This place feels sacred.
Earlier this fall I detoured from my usual walk and took an old dirt road that winds through a construction company lot. A catch-all for whatever overflows from the warehouse across the way, it’s treeless and completely exposed to the elements from all directions. It’s a cruel field on a windy day. Bitter in winter. The road that fronts it often drifts closed. Gritty in summer. I like the way the man-made sand hills mirror the contours of the green ranges that rim the horizon. But I never walk this way without sunglasses to shield my eyes.
Hidden by the sand hills, past the pallet piles and machine parts rusted beyond recognition, Nature found her Zen.
Lush yarrow. Best of the healing, white-flowered variety I’ve seen. Mullein Totem Poles. The yellow flowers make a tasty cough syrup. The rock mounds, carelessly dropped in no particular order, form a circle of cairns.
The effortless perfection of the design pleases me.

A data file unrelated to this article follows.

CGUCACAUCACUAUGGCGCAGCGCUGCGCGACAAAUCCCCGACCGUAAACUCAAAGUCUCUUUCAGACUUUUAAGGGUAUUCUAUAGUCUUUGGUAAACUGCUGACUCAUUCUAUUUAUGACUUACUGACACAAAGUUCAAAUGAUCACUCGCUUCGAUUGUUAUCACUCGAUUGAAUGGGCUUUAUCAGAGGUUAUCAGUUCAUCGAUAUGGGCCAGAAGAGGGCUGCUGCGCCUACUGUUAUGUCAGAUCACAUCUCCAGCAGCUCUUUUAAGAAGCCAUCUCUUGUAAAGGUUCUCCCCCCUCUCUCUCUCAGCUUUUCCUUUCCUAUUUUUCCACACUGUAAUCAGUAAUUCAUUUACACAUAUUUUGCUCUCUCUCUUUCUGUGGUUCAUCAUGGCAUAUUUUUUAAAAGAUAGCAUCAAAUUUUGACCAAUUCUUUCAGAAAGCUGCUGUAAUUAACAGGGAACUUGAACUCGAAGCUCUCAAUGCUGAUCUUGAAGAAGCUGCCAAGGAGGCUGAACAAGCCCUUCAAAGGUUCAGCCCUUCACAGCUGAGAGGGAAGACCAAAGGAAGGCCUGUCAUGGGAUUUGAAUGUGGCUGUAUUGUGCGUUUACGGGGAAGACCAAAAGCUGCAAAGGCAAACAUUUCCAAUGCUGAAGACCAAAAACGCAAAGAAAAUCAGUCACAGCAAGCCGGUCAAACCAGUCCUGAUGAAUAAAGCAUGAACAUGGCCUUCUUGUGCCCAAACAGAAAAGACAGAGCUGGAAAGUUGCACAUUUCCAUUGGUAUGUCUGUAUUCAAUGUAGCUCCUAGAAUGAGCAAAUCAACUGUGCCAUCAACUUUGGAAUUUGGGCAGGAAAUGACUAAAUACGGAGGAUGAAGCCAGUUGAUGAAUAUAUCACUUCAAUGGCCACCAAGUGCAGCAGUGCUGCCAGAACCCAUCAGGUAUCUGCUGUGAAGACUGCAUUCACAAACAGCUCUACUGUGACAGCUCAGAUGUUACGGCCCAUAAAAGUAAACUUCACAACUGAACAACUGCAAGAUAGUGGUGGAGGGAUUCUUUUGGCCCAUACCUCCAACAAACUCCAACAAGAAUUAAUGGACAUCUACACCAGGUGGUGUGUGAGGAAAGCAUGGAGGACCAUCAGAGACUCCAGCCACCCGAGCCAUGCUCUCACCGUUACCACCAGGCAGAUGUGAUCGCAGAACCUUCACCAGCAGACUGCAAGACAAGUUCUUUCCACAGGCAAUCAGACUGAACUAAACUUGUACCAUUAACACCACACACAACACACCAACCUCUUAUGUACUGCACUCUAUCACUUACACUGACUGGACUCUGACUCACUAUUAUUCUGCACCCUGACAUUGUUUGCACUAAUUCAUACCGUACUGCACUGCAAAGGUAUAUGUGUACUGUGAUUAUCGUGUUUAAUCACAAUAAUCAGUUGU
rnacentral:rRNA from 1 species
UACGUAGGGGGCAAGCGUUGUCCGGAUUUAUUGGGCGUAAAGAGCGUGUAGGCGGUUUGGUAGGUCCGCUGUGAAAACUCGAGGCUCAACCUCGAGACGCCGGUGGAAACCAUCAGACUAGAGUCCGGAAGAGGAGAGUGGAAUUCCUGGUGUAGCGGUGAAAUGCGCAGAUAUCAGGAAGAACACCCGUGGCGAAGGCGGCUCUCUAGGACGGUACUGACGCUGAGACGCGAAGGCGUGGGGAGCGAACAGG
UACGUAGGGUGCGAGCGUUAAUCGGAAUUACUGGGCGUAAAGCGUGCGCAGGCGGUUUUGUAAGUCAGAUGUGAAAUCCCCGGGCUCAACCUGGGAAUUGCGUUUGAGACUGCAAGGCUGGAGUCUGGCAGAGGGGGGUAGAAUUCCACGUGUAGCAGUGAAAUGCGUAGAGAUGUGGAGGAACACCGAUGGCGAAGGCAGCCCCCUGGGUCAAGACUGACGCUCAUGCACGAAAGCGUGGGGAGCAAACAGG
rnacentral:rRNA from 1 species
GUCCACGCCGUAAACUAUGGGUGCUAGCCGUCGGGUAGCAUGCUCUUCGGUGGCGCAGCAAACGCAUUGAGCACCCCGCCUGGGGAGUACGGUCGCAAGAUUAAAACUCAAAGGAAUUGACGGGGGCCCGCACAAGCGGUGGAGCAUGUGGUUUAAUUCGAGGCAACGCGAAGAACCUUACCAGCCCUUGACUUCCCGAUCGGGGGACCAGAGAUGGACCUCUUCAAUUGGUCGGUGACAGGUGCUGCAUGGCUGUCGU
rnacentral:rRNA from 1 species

Many of us have our expected places of spirit, where we feel clear, connected, and able to see beyond ourselves, to realize we’re part of something greater. Could be a church. Or a tree. The garden. The sea. These familiar settings offer peace, replenishment and communion.
But isn’t it thrilling to know that’s we’re also capable of having our socks knocked off by an industrial “pocket park?” There are bits of beauty almost everywhere, like the single rose that continues to bloom in a gone-wild flowerbed or the skeletal symmetry of an abandoned factory.
What speaks – or doesn’t – to each of us is unique. As in Big deal, Cyndi’s excited about some weeds and rocks. Or as a tourist once asked of the Estivant Pines, the oldest virgin stand east of the Rockies, “So what are they? Just a bunch of trees?”
Where are your sacred places? What spaces have you stumbled upon that amazed you?